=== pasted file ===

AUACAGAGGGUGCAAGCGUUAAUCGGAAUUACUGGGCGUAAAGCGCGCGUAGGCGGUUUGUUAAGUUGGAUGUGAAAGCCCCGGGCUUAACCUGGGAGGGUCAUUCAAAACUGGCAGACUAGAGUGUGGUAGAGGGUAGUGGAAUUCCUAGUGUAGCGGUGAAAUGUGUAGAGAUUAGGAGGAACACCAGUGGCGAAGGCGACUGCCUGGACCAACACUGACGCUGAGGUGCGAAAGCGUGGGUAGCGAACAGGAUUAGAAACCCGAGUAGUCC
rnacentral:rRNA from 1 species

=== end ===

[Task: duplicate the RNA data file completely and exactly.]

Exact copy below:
AUACAGAGGGUGCAAGCGUUAAUCGGAAUUACUGGGCGUAAAGCGCGCGUAGGCGGUUUGUUAAGUUGGAUGUGAAAGCCCCGGGCUUAACCUGGGAGGGUCAUUCAAAACUGGCAGACUAGAGUGUGGUAGAGGGUAGUGGAAUUCCUAGUGUAGCGGUGAAAUGUGUAGAGAUUAGGAGGAACACCAGUGGCGAAGGCGACUGCCUGGACCAACACUGACGCUGAGGUGCGAAAGCGUGGGUAGCGAACAGGAUUAGAAACCCGAGUAGUCC
rnacentral:rRNA from 1 species